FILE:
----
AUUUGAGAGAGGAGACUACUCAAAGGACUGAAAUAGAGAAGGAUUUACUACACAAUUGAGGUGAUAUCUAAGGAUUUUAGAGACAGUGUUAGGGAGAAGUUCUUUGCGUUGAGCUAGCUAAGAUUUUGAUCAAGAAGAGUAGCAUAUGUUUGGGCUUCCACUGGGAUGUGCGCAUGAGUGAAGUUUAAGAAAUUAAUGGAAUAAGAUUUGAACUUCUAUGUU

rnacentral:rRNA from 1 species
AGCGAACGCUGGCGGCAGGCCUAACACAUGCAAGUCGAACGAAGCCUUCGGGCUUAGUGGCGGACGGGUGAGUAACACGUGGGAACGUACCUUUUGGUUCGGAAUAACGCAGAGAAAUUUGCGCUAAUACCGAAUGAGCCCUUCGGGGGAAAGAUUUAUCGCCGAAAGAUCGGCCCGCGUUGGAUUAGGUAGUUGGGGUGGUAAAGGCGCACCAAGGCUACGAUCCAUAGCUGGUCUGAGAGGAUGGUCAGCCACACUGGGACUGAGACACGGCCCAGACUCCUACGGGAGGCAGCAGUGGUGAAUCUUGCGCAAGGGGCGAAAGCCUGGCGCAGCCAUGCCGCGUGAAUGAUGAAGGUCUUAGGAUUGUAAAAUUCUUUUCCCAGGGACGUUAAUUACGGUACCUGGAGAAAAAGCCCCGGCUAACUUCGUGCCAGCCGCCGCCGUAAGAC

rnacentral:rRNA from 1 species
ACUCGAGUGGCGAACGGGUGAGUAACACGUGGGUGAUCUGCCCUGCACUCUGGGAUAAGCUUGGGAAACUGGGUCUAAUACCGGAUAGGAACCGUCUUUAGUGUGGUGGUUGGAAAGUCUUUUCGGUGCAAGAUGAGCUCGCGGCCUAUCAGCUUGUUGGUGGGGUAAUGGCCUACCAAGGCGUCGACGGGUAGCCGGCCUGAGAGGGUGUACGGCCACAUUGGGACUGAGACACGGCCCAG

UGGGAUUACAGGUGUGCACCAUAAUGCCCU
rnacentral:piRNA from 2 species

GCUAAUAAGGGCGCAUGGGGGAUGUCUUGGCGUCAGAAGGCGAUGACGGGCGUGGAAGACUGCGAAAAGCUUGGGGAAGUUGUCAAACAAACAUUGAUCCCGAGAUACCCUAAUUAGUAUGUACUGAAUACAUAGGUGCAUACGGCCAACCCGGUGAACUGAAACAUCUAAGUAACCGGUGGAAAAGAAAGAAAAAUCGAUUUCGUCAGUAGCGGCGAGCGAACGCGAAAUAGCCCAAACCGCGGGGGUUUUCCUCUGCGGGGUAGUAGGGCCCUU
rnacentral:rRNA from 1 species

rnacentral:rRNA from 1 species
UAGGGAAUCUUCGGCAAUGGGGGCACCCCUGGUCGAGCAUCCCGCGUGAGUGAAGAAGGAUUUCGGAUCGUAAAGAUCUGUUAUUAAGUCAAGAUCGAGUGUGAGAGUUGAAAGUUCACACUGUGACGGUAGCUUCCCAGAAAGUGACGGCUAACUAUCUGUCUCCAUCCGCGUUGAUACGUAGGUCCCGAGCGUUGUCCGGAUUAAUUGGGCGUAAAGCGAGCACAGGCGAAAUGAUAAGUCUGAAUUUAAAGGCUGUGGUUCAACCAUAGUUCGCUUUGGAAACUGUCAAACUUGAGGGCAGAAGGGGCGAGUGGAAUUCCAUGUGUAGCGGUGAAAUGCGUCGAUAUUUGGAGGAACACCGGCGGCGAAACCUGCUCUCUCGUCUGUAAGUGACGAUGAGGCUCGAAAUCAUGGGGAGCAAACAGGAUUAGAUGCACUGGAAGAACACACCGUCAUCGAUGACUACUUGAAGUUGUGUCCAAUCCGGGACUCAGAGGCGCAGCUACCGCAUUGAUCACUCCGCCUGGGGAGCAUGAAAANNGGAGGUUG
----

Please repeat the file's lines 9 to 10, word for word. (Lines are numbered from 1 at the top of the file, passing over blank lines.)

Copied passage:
rnacentral:rRNA from 1 species

rnacentral:rRNA from 1 species